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DuPage County child pornography defense attorneyInternet sex crimes alone are difficult to defend, especially in such a fast-paced, technology-driven world where it takes more than good old-fashioned research and quality in-person testimonies to create compelling arguments. Sometimes you and your lawyer will need experts in computer forensics and other fields to help clarify issues and circumstances. Other times you will need a lawyer to go above and beyond in his or her own work to understand the complexities, subtleties, and intricacies of your case. Defending against possession of child pornography charges is no different in this sense. Here are some basic ways that a child pornography defense lawyer can help you with your case.

Ways a Child Pornography Defense Lawyer Can Help

There are many different strategies that a possession of child pornography defense lawyer can use to help you with your case. These key strategies include:

  • Disputing your knowledge of the illegal material—Perhaps someone else used your computer or other electronic device to download these illegal images. If they did this without your knowledge, the prosecution has the wrong person on trial. Even if you did know this, your charges might be reduced because you yourself did not engage with those images, or you immediately worked to remove them from your device(s).
  • Showing you had no intent to download illegal material—With the Internet being so confusing and full of chaotic information, it can be difficult to know when you are downloading something legal or illegal. Most times, the assumption is it is legal by virtue of the fact that you can easily get access to it and the company you are getting it from seems legitimate, but this is not always the case. If your lawyer can prove that you never intended on downloading anything illegal, then you might be able to improve your case.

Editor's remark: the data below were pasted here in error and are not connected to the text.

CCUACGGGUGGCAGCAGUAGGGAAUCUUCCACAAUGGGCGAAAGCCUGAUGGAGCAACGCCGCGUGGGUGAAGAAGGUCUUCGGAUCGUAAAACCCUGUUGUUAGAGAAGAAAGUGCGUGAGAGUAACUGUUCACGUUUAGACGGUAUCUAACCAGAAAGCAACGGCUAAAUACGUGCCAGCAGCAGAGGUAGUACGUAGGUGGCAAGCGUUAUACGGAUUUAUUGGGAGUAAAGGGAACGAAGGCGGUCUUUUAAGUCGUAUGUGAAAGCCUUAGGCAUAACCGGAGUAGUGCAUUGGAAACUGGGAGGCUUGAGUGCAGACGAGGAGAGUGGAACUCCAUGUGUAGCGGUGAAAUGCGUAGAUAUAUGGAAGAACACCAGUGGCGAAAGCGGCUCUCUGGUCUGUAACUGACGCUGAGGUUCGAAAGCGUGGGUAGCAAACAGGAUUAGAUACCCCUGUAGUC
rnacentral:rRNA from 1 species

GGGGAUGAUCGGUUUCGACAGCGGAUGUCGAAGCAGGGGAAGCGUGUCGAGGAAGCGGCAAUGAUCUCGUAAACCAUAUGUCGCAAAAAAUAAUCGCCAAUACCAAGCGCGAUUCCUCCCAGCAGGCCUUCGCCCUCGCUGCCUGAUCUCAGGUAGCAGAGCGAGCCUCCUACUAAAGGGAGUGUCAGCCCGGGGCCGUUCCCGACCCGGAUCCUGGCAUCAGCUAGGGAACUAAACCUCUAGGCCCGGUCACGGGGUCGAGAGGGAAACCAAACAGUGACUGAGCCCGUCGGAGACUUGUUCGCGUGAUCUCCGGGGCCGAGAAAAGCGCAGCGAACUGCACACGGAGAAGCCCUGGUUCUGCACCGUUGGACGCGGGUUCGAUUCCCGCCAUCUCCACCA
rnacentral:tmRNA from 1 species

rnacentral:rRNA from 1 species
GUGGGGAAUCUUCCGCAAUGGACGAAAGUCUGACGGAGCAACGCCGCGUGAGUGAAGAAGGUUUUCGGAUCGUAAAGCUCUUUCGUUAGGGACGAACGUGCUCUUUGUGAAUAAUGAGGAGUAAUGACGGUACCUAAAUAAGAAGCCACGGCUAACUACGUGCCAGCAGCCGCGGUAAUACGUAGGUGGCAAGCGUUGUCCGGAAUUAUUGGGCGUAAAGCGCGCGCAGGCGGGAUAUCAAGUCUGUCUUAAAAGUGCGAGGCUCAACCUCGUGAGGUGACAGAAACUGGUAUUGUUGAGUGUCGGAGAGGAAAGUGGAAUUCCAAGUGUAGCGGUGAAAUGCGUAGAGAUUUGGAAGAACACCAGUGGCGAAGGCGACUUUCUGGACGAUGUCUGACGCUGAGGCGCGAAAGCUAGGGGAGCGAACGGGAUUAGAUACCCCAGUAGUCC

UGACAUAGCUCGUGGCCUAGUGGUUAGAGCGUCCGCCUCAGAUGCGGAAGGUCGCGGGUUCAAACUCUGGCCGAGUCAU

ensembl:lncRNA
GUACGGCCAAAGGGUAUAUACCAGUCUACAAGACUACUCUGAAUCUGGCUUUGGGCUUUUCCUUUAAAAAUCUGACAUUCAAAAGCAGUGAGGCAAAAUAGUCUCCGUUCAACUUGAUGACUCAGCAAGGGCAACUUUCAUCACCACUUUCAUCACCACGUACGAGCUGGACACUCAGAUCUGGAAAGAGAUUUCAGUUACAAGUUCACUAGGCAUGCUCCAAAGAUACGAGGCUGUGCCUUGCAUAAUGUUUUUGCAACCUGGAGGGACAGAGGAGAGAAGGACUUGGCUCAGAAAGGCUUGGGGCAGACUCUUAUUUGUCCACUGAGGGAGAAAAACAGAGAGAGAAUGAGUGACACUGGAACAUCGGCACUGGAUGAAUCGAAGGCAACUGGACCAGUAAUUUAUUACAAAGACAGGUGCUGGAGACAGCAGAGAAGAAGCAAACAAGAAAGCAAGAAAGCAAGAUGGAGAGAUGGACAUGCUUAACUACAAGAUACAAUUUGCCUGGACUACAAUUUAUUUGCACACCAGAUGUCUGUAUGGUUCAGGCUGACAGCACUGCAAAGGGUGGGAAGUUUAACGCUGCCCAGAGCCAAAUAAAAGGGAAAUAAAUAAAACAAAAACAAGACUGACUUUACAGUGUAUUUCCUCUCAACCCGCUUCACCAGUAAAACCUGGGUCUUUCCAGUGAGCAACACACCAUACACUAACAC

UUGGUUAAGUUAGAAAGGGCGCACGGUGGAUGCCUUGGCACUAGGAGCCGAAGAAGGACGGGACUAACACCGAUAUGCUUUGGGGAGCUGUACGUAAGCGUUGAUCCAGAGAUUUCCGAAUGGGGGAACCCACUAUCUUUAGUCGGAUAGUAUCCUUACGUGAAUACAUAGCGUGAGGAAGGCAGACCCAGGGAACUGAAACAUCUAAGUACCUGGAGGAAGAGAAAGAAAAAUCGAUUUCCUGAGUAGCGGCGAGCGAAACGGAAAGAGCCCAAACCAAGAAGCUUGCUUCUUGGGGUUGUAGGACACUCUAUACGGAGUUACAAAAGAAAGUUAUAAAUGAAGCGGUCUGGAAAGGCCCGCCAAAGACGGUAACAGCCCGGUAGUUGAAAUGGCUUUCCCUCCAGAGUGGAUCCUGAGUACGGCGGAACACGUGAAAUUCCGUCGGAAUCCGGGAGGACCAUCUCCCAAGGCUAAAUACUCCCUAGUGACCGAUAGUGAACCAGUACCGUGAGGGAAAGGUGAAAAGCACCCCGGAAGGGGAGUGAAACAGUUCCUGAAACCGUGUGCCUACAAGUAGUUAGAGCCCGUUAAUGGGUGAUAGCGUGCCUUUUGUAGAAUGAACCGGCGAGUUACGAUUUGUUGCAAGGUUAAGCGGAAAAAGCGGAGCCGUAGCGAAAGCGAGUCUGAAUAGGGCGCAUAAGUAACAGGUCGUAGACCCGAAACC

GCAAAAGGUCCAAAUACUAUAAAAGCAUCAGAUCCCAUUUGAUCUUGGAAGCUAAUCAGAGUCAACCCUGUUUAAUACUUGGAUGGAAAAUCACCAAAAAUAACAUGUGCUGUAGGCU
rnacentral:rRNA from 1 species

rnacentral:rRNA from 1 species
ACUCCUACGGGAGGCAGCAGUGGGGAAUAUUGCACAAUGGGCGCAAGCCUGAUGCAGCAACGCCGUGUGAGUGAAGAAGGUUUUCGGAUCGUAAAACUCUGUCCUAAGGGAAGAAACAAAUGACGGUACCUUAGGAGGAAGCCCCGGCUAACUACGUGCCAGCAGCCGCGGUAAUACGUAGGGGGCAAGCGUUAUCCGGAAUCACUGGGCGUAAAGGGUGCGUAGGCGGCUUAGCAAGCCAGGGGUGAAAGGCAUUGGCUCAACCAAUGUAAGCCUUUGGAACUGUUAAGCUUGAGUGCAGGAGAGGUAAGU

• Employing the assistance of experts—Your case, including showing your lack of knowledge with regards to the illegal images as well as your lack of intent to download such images, can be further helped by experts in the fields of computer forensics, psychology, and other disciplines. These experts can provide evidence supporting your arguments—from showing that your downloads were accidental or inadvertent to proving you thought you were downloading something legal.

Contact a DuPage County Internet Sex Crimes Defense Attorney

As with most cases, the right lawyer can make all the difference. This is just as true with any Internet sex crime as it is with child pornography charges. That is why you must retain representation from a knowledgeable Wheaton IL child pornography defense lawyer. Stephen A. Brundage, Attorney at Law, is an aggressive and experienced lawyer with more than 25 years of experience in criminal defense. Call Stephen A. Brundage today at 630-260-9647 for a free confidential consultation.

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drug court, Wheaton criminal defense attorneyIf you have been accused of a drug crime, be it possession, intent to distribute, or delivery/sale, you might already know that drug crimes in Illinois are taken very seriously, and the consequences can be severe. However, with the federal government rolling back arrest records and jail time for drug charges through such legislation as the FIRST STEP Act, the focus has shifted toward alternative sentencing for those accused of drug crimes. One of these alternatives is drug court. Here in DuPage County, drug court is common due to its usefulness.

What Is the DuPage County Drug Court?